Preventing and treating overweight in Brazil
My childhood and adolescence were marked by obesity... and also by all the stigma it carries. Today I have controlled my obesity. Changes in habits, quality of life and weight were only possible through the process of health education and the demystification of so many myths about weight and overweight. That's why I strongly believe in what we have done through a project here in Brazil – and I believe that it could be extended to different regions of the world.
At the Federal University of Juiz de Fora (UFJF), there is a project called ‘Preventing and treating overweight’, coordinated by PhD endocrinology professor Danielle Guedes, of which I have been part of since 2020. It was created a few years ago with the aim of working more closely with patients seen at the Obesity and Metabolic Syndrome outpatient clinic in University Hospital (UH). Since the Covid-19 pandemic, we have restructured our work to virtual formats including:
- Multidisciplinary meetings on Google Meet every 15 days. We have already had endocrinologists and psychiatrists, nutritionists, physical educators, psychologists, physiotherapists, journalists, fashion and social service professionals participate.
- A WhatsApp group to maintain direct contact with patients. This lets us answer questions and send the meeting links and materials produced.
- Our Instagram profile (@abordagemdoexcessodepeso) where we share our meetings (any interested person can attend); the challenges of the week (goals to accomplish, such as eating more than three fruits a day or increasing the number of steps we take); and recipes for healthy dishes.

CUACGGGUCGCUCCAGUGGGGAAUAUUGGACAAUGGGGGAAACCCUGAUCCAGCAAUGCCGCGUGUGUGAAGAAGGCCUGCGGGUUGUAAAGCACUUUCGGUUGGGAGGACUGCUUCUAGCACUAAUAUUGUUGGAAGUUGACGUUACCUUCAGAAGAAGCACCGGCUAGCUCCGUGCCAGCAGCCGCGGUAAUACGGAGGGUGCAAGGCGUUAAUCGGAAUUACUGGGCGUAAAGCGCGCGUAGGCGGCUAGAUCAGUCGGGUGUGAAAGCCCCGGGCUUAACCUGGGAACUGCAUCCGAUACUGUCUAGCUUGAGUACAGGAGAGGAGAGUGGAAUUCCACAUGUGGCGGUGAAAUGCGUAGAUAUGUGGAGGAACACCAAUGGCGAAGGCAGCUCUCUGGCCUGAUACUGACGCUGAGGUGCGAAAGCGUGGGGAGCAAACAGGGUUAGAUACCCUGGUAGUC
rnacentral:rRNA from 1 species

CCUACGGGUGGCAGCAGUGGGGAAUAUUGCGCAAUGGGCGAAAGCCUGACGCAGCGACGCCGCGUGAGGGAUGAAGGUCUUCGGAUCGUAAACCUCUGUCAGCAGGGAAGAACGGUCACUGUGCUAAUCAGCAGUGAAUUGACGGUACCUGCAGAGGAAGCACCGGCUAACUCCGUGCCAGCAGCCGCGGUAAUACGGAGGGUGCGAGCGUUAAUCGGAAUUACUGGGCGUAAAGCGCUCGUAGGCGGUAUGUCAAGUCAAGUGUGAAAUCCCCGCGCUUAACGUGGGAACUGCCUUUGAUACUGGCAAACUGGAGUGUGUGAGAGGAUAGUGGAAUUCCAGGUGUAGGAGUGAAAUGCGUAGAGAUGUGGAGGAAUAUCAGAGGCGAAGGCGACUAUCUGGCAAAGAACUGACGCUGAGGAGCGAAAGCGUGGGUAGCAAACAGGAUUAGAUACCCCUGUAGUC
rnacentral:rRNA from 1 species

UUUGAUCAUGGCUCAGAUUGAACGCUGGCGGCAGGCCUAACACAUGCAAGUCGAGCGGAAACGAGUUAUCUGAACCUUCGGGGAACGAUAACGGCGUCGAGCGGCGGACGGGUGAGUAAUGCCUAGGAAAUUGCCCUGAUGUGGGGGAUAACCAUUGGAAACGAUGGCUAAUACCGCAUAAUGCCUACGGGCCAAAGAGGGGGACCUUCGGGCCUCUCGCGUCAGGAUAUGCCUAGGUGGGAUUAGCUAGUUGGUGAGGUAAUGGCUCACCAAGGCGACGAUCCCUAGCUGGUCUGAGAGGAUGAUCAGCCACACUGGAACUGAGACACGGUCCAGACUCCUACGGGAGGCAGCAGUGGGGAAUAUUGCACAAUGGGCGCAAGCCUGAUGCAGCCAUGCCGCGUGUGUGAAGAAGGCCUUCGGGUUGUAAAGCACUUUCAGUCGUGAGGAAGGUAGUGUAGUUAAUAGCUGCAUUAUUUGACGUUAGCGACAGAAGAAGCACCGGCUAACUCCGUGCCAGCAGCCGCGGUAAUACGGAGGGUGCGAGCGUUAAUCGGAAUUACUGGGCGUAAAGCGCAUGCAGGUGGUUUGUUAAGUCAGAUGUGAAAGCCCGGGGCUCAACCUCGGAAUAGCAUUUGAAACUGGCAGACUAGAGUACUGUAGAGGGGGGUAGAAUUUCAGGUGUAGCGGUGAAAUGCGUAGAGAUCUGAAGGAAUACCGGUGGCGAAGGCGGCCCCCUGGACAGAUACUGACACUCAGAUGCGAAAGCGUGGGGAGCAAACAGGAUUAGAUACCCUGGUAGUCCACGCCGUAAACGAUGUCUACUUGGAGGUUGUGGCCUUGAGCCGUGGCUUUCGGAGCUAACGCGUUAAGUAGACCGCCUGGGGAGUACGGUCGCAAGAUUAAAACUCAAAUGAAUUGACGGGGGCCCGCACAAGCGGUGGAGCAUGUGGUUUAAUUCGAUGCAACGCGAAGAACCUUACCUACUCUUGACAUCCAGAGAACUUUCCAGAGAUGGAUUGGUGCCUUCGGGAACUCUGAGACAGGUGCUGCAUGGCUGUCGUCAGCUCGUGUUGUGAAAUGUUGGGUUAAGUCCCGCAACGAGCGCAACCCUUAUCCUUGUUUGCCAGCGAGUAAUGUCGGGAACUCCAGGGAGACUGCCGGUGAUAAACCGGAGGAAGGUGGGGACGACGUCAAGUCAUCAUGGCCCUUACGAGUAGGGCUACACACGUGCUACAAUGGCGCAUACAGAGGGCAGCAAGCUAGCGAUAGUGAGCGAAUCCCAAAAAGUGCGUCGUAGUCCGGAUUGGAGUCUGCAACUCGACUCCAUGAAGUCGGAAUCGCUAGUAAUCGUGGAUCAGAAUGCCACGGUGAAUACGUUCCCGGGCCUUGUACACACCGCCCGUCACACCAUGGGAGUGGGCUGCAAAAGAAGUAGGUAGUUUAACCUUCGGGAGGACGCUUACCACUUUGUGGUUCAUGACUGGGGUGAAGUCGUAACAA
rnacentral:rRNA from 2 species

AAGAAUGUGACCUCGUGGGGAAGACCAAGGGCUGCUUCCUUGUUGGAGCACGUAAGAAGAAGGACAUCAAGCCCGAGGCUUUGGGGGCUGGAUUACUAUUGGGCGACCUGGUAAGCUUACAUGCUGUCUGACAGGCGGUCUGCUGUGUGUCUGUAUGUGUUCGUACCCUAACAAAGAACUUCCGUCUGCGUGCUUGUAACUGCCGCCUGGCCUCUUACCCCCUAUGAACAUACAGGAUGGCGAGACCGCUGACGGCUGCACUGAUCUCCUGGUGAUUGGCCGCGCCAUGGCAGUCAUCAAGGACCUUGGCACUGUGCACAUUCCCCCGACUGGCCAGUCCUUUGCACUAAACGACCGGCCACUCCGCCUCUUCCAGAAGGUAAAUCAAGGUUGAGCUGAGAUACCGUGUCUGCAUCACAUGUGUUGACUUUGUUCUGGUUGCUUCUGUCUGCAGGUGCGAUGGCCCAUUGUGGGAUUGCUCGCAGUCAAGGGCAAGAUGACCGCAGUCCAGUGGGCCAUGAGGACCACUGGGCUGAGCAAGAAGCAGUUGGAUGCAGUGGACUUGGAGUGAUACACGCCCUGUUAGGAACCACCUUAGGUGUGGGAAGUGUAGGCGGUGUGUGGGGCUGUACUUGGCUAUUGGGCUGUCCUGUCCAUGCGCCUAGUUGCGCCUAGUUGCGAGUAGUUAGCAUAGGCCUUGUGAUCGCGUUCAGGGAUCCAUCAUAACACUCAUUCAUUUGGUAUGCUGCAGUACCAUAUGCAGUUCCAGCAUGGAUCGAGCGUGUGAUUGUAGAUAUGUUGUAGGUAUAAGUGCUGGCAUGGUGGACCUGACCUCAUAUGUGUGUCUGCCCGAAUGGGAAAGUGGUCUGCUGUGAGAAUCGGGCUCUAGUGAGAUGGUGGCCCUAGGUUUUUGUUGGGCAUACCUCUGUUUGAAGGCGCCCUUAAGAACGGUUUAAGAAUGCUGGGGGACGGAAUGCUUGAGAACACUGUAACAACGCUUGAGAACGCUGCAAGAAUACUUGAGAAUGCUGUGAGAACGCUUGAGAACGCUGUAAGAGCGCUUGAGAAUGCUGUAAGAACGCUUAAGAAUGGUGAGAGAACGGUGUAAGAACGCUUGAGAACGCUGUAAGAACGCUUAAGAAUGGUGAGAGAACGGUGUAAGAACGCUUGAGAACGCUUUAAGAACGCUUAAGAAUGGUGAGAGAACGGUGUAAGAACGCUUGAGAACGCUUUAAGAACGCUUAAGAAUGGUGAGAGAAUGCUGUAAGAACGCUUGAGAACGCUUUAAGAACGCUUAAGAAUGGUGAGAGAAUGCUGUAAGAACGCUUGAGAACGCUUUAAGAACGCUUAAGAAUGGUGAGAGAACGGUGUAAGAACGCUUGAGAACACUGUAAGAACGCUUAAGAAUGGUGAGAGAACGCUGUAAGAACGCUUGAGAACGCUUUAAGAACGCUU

Our goal in 2022 is to maintain these health education activities with the project, encouraging healthier lifestyle habits based on scientific evidence, but with accessible language. The project allows direct contact with professionals in medicine, nutrition, psychology, and physical education, who are often professors at the University. Both the lectures and the moments to ask questions and exchange life experiences are important to the lives of those who are present at the meetings.
Furthermore, in the virtual environment, we are able to universalize our meetings, reaching people from more distant places who couldn’t be present if the meetings were in person. An example is my own family members who follow the project back in my hometown.
There are challenges along this path and we’re learning lessons. Not all people can watch the live events, so it's good to record the meeting. People may also not know how to access or use the platform, so it’s valid to provide this technical assistance for everyone's benefit. In addition, we must always schedule the topics of the meetings and confirm the guests with adequate time – a few months in advance. Asking patients what subjects they would like to learn and staggering the themes with times of the year, such as the end of the year festivities, are always good options.
To finish, we also intend to move on to the second edition of the Lifestyle Journey (also on Instagram at @jornadadoestilodevida), an event for the entire population. Our goal is to have a national reach this year. It is a pleasure to share the project and to know that it can bring benefits to the community.
By Gabriel Chamon
in collaboration with
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